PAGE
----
If it weren’t for sexual assault as such an important element of the book, would I still call it confessional? The term confessional comes with so much baggage and association, namely the inherent misogyny in a term applied more often to women’s writing and used as a way to dismiss women’s experiences as worthy of literary merit. Rather than a mode of writing, it is more helpful to consider the confessional as a tradition. In this way, when we evoke the term “confessional” it reminds us not to focus on the content, but the modality. In the work of a seminal confessional poet like Sylvia Plath, we see humor as a mode of delivery, too. In “Cut” when Plath writes: “What a thrill–/ My thumb instead of an onion. / The top quite gone,” her humor is Aristotlean. We laugh at her misfortune. We laugh at the drollness with which she calls it a thrill. Normile understands a droll voice. In “Witness” she writes, “People are like, ha ha your poems are funny, and that’s a kind of a miracle. I’m grateful. It’s nice to share the joke of my existence with you.” Part of the sadness running through the poems is that this impulse is inescapable, it’s not an aspect of the speaker that is constructed or pushed on, it is the conclusion of being a person, in a body, in a world, in a constant state of morbid humor. It’s not like Normile doesn’t know that she’s hitting the same note of oddball jokester. As the book progresses, we become more closely attuned to the pivots Normile makes at the level of line, tone, and image. Her opening poem “Ever,” a contemplation on different types of time, surprises with its turn from books to bubonic plague to love letters, but by the time we reach a poem like “Transfer” at the end of the book, we are primed to expect oddness and, as such, when the poem opens with a graphic made of hashtags, a long looping line, and an emoticon, it makes sense. It’s not a secret that this is a book about the self. The speaker refers to herself as Chessy and regularly draws attention to herself and her biography. So, yes, Great Exodus, Great Wall, Great Party is confessional in the way that most contemporary poetry collections are confessional, the space between speaker and poet being so collapsed that the mask between the two feels almost transparent.
At the core of her poetics, Normile understands that to confess the deeply personal is both a fall from grace and an inoculation from the harm that others can do. If a poet declares her own intimate moments and secrets on the page, then she is in control of that narrative. Normile knows that to lay a poet’s mind out on the page is to put everything in the light. The speaker cries “at the grocery store,/ at my beige, wipeable desk, / in bed,” she asks if she’s writing the poem she needs to survive, she uses three question marks in a row, she writes in all-caps and includes a line that just says “)))))))))))))))))))))))”. With everything in the light, the speaker is in control of their own darknesses and their own questions. What harm can someone do with our secrets if we have already laid them out bare on the page in ink, when we have already admitted to “blue underwear burned bright red” and the absurd lenses we see the world through? With sexual assault at the core of the book (literally, as “Feedback” comes to us right in the middle of the work) and the violent implication present whenever there is a man, a mouth, or a body present on the page, Normile uses comedy as a form of protection for the self and the reader. It is not a laughing off of the experience or a diminishment, but an understanding that this is a vehicle through which the speaker survives and finds other joys in the world, post-assault.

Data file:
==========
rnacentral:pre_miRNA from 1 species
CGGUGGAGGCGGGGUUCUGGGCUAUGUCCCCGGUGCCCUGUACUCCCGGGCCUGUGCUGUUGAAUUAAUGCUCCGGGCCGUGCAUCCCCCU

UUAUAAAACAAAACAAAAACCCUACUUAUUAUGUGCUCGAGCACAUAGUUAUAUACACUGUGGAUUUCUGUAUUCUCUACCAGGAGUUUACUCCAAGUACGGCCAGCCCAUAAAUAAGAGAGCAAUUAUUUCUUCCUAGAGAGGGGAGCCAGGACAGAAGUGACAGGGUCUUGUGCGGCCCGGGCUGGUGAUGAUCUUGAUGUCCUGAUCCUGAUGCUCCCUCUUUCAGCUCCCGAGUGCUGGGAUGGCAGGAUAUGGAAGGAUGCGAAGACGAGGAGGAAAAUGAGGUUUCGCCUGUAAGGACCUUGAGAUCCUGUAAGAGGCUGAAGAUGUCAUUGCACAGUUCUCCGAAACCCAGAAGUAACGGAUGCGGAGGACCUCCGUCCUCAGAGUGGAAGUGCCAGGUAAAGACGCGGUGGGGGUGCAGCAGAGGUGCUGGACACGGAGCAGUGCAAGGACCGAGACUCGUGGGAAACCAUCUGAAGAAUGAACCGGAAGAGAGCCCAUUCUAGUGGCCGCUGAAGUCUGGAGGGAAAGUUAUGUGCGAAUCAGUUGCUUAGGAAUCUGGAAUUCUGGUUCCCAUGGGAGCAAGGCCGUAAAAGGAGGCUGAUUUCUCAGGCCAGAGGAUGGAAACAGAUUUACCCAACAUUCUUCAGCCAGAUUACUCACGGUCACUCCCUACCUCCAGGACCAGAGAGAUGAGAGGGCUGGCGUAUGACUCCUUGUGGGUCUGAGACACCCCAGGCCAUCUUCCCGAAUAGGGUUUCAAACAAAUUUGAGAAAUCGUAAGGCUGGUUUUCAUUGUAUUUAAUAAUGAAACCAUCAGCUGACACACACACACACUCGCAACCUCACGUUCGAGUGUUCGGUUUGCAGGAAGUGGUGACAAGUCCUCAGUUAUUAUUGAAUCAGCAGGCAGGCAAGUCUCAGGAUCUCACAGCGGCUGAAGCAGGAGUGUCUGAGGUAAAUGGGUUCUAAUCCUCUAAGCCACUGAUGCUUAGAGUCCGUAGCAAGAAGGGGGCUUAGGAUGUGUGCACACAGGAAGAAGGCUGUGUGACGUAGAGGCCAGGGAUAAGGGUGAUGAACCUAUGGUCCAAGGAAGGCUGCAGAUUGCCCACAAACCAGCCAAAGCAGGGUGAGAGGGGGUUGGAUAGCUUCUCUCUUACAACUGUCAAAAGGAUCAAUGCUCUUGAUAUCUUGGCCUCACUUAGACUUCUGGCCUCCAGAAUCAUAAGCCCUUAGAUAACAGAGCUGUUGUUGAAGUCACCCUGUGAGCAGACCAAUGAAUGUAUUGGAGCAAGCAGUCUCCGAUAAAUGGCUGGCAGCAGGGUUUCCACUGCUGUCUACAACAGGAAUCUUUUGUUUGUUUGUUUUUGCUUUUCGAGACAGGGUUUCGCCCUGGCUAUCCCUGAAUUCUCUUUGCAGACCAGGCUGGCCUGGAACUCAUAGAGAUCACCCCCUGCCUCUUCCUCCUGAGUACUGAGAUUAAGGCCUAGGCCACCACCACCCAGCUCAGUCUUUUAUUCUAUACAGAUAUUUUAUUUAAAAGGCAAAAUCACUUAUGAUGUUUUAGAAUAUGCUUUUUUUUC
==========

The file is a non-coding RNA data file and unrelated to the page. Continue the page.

Mostly, this is a book of reckoning. Normile herself writes, “My arms are pinned to my sides, but still / I am going to figure out how to hold you” and this seems to sum up how I feel about the book. It’s goofy and serious in equal measure. I’m not always sure where I’m standing and I’m not always sure where my next step is going to take me. Ultimately, it leaves me thinking: Aren’t we all weird? Don’t we all spend our days in our odd little parties of one? This book makes me want to lay in Barton Springs and think about all the ways poetry can take from other genres and forms to help us grapple with the world we live in and the lives we lead. Trauma, pain, and sadness don’t exist in a neatly delineated box, they co-exist with humor and joy; it makes sense that Great Exodus, Great Wall, Great Party is a book of everything all at once.
Chessy Normile is the author of Great Exodus, Great Wall, Great Party, selected by Li-Young Lee for the 2020 American Poetry Review/Honickman First Book Prize. She received a BA from Sarah Lawrence College, where she was awarded The Andrea K. Willison Poetry Prize, and an MFA from the Michener Center for Writers, where she was awarded an Academy of American Poets University Prize. She lives in New York where she edits a zine series called Girl Blood Info.
Megan J. Arlett was born in the UK, grew up in Spain, and now lives in Texas where she is pursuing her PhD. The recipient of two Academy of American Poets Prizes, her work has appeared in Best New Poets 2019, Best New British and Irish Poets, The Kenyon Review, Ninth Letter, Passages North, Prairie Schooner, and Third Coast.